Cindy Swartz, 22, with baby Liam to whom she birth in toilet. Picture: Leon Knipe
Cape Town - A young mother in labour, who was sent home twice from the maternity unit, ended up giving birth by herself on her toilet at home.

But authorities at the Mitchells Plain Maternity Obstetric Unit (MOU) claim their midwives sent Cindy Swartz of Lentegeur home because she was not in active labour.

Cindy, 22, says her labour pains began on Saturday, 29, December, at 8am and she was rushed to the maternity unit by family.

But as soon as she arrived, a 40-weeks pregnant Cindy claims uncaring staff claimed she was not in labour and sent her home.

“I waited for my turn and gave in my card,” she explains.

“Just before 10am, my name was called and the nurse asked me what was wrong. I said I am getting period pains. The nurse told me she will do an examination. She said I must take my pants off. She placed two fingers inside my vagina and said I’m still very far [from giving birth] and to wait until 2 January to return.

“She said I must walk the pain away.”

Cindy says she left, trusting staff despite being in pain.

She said she walked around for hours until her water broke: “The pain went on until the next day just before 2am, 30 December.”

Cindy was rushed to hospital again where nurses told her she was not in labour.

“I had cleaned myself up and when I got to the MOU around 2am, the nurse said she will do the same procedure like the other nurse,” she continued.

“I told her my water broke and she said it’s pee.

“She said the blood had to be a certain colour and after doing the examination, I was told I could go home because I wasn’t in labour.”

But when Cindy arrived at home, the pain continued until midday, when baby Liam Grant made his appearance.

“I was in so much pain, I walked up and down, even in the street,” she says.

“I kept feeling this pressure and like I needed to popo (defecate), but there was nothing. And then I just felt something was there. I pushed and his head came out and I caught him before he could fall into the pot.”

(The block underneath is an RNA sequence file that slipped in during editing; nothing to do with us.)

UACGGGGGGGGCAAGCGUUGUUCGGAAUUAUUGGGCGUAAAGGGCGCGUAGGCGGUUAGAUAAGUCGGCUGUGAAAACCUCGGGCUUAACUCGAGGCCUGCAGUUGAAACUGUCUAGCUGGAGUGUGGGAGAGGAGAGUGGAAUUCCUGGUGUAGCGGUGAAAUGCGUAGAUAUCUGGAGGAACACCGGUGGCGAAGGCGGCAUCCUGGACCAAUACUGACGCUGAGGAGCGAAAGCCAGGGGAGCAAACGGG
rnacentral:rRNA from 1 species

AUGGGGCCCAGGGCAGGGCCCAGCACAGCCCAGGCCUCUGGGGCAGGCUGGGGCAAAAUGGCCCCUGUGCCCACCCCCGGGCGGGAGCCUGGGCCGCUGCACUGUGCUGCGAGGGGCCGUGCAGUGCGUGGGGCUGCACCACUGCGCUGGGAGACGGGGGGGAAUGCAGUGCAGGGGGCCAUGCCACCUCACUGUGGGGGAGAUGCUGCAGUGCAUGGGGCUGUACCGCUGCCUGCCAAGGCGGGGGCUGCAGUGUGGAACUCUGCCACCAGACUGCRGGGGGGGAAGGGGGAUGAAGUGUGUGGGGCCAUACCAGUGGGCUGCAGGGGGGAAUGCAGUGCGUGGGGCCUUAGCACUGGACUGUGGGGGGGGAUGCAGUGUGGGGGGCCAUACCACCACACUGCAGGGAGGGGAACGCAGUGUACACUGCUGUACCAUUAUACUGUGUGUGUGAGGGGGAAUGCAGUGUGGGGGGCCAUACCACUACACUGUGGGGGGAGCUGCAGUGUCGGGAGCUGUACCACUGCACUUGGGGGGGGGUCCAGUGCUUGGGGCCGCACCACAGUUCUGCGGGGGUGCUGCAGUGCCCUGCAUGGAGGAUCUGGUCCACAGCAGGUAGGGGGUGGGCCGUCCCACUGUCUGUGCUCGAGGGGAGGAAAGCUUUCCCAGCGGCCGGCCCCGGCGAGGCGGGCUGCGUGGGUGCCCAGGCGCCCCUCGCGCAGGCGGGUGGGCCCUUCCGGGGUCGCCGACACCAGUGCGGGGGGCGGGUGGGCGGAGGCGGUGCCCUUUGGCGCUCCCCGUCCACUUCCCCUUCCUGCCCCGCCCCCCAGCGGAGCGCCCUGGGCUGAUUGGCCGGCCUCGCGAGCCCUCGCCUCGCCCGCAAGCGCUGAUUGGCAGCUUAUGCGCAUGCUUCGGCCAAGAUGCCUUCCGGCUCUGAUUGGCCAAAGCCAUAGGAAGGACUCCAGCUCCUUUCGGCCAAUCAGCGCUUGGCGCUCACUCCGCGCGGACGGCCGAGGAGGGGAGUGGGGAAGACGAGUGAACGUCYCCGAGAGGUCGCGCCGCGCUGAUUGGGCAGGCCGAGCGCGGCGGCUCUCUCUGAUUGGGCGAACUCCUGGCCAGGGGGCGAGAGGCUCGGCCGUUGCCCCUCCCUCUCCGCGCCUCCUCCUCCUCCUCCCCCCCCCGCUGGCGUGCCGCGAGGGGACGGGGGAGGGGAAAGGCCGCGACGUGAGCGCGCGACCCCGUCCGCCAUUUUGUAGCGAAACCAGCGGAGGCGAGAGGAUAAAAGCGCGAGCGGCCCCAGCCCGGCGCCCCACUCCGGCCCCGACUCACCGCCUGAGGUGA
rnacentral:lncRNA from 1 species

Cindy says her family and neighbours all arrived to help and called an ambulance.

“The one neighbour held him upside down and patted him on the bum and he cried,” she adds.

“When the ambulance came, they cut the cord.”

She says she is disgusted at the service she received.

“When I was taken to the hospital, the same nurse who saw me the Saturday and said she remembered me because of my swollen feet,” says Cindy.

“I said to her, ‘you said I’m not in labour’, and said she is sorry for that and I didn’t say anything.”

Marika Champion, spokesperson for the Western Cape Department of Health says an investigation will take place.

But Monique Johnstone, Principal Communications Officer for Klipfontein / Mitchells Plain and Western / Southern Sub-structure maintains that staff followed procedure because Cindy was not in labour.

“Ms. Swartz was not in active labour when she presented to the Maternity Unit on the 29 and 30 December.

“She was examined by the midwife on duty and diagnosed as having a closed and thickened cervix with back pain, which is an indication that she was not in active labour.

“She was given feedback and discharged on both visits.

“It is standard procedure at our Maternity Obstetric Units to send a patient home if there are no signs of active labour.

“A mother in active labour will be admitted for delivery if her cervix was soft and dilated to 1cm with regular contractions.

“If she had returned with signs of regular contractions, then she would have been admitted for delivery.”

Daily Voice